Helping with information overload

 Expert trustees told us that they welcomed receiving background information and other documents but some said that they found them overwhelming. Mentors were able to help them review the documents and process the information, and could also answer any questions that arose.

If a mentor is not available, it is important to provide the name and contact details of someone for new trustees to reach out to for help with the initial information overload and practical support. This might include organising travel to get to the meeting, claiming expenses, printing documents or resolving internet access issues. This could be a member of staff of the organisation, or a fellow trustee. This will help to reduce anxiety and allow the person to approach the first meeting with confidence.

Holding your first meeting

Anyone starting a new role will be anxious - not knowing what to expect, wanting to make a good first impression, hoping to connect well with new people, not knowing if you will have anything in common with them.

For those whose main connection with your organisation (or other similar one) has been as a service-user or volunteer, the transition to the role of trustee can be quite intimidating. Whatever preparation you have been able to do, it is worth thinking carefully about how to manage the first meeting, to reduce anxiety and provide a warm welcome to your new trustee.

The Experts we spoke to made the following suggestions:

Be welcoming

Make sure someone is there to meet the new trustee, whether in a physical or virtual space. An informal social lunch before the meeting would be ideal, to allow people to introduce themselves and start to get to know each other in a relaxed way.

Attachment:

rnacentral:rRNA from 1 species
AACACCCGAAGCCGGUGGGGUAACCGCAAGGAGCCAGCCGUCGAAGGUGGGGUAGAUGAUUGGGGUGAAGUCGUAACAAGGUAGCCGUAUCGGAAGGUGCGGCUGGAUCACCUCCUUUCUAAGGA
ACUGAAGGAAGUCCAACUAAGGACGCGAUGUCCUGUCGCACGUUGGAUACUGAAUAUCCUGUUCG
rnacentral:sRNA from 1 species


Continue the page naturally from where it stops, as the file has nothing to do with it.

Explain everything

Give background information and explain each point before you discuss it. Check with new trustees that they understand what is being discussed - don’t assume that people know what you are talking about!

Use plain language

Avoid jargon and abbreviations that people will not understand and use plain English!

Be an active chair

Make sure that everyone can participate in the meeting, that their contributions are heard and welcomed, and that discussion is not dominated by a small number of confident people.

Set up an expenses system

Make sure that you have consistent systems and processes for dealing with expenses that don’t single people out and where they don’t have to ask or remind you.

Debrief and follow up

Check in during and after the meeting to give people the opportunity to ask questions or express concerns, and to check on their understanding of the discussion and the content of the meeting. Offer more support if needed.